Imagine a world where every Blockbuster Video has been converted into a shiny new Netflix Store. These wonders of technology allow customers to walk into a store and stream unlimited amounts of content, all for a fixed monthly rate.
It sounds ridiculous, right? There is no value in streaming from a fixed location. The beauty of streaming is that you can do it from anywhere with an internet connection.
Right now, the conversation about how to charge electric cars is sounding an awful lot like a Netflix Store. The popular narrative goes: Electric cars are great, but a lack of charging infrastructure is holding them back. All our charging problems will be solved if we can manage to replace those antiquated gas stations with gleaming high-powered charging stations.
What if that is all wrong? It’s easy to lock ourselves into the mindset of what’s familiar and plot the future based on the blueprint of our past—a mindset that will lead us toward inadequate solutions, like hypothetical Netflix stores. What we actually need is an approach that takes advantage of an EV’s strengths: most notably, its ability to charge anywhere and anytime. And it doesn’t have to be nearly as expensive as you might think.
It is commonly assumed that electric vehicles need specialized charging equipment. In a recent survey, 78 percent of people believed that they did not have charging access at their home. In fact, most people already do. There are three “types” of charging, and one of them can take place in nearly every house, without any modifications or new equipment.
The fastest charging occurs with Level 3 charging stations. These are the “gas stations” of the EV world. Level 3 chargers can recoup 100 miles of range in a matter of minutes. They are also, of course, the most expensive to install, at a minimum of $30,000 per charger. (For comparison, one gas pump costs around $20,000.) While you would never see one of these high-powered chargers in someone’s home, you might find a Level 2 charger. This type of charger, which costs a few hundred dollars to install, connects to a 240V “dryer outlet” and can gain 100 miles of range in just a few hours. This might not be ideal for a road trip, but it works great for a quick charge at home or a restaurant, or while you are out shopping. Lastly, we have the somewhat boring, often overlooked Level 1 charger. This type of charger, which is included free with most electric vehicles, plugs into a standard outlet and would take nearly 20 hours to regain those 100 miles of range. This might sound horrifically slow, but most drivers average fewer than 40 miles of driving per day, an amount that can easily be reclaimed with a Level 1 charger while you are working, hanging out at home, or sleeping.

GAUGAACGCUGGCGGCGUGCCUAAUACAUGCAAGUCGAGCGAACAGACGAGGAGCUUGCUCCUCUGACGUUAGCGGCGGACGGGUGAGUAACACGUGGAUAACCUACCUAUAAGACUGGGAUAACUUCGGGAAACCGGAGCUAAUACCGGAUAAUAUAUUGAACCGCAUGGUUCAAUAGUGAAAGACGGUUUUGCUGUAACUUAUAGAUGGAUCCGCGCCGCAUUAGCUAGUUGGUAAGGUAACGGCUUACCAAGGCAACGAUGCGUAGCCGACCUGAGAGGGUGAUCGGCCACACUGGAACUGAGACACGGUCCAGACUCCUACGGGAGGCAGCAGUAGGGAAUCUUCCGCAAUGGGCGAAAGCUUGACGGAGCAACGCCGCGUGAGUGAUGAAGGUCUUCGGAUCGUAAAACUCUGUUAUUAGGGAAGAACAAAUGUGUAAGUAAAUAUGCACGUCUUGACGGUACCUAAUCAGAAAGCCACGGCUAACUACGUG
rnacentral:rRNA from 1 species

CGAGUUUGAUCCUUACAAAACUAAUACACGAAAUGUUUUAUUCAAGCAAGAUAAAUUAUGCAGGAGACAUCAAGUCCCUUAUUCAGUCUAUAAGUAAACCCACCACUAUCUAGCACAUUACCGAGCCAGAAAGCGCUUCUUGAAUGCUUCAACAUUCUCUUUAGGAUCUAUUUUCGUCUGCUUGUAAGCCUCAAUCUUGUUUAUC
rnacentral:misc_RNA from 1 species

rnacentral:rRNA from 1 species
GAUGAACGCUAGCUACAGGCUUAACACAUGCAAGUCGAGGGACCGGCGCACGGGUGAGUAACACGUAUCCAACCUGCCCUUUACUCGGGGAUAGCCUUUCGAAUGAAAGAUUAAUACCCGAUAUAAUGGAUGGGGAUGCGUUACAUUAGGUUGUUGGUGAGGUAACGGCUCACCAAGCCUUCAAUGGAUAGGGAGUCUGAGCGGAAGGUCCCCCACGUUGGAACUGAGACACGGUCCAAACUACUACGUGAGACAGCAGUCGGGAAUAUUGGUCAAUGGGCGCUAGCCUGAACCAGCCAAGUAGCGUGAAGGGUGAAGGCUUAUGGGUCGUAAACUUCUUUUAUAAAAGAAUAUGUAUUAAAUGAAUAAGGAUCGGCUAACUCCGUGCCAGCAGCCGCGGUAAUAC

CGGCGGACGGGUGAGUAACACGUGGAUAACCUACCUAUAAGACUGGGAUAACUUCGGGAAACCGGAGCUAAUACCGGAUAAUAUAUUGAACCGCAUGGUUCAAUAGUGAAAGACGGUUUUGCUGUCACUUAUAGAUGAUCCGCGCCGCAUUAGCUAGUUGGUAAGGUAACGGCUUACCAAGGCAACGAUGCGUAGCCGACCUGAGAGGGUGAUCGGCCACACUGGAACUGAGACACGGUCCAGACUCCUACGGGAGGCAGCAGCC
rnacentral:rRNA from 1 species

Right now, it makes local news in many places when even a couple of chargers are installed or planned. But installation is likely to accelerate, especially when it comes to Level 3 chargers. Multiple car companies are actively planning to build out charging networks, and the federal government plans to spend $7.5 billion from the infrastructure bill on chargers. Unfortunately, most of these plans are focusing on emulating our current gas station–centric model, instead of focusing on an EV’s strengths.
Let’s go back to the Netflix Store analogy. The key point is that new technology—in this case ubiquitous high-speed internet—facilitates an experience that is altogether different from the one that preceded it. You can stream at home, at the doctor’s office, or at work. Electric vehicles are no different. The solution to the electric vehicle charging problem should fit current technology, not the technology of the prior century. Why should policymakers aim to copy gas stations when we can do so much better?
Now, I’m not against building more Level 3 chargers on America’s roadways; the more chargers, the merrier. But companies are already building them. It is quite easy to hop in a Tesla tomorrow and drive almost anywhere in the country. The car will have you stop at a Supercharger location every few hours, and the experience will be surprisingly similar to driving a gas car. (If you are driving with kids, the car will be ready to hit the road again before you are.) Other companies are following along, as each manufacturer has a vested interest in being able to advertise that their cars have this capability. Plus, Tesla is potentially opening its network to other companies soon. It’s only a matter of time before every new electric car can travel easily across the country.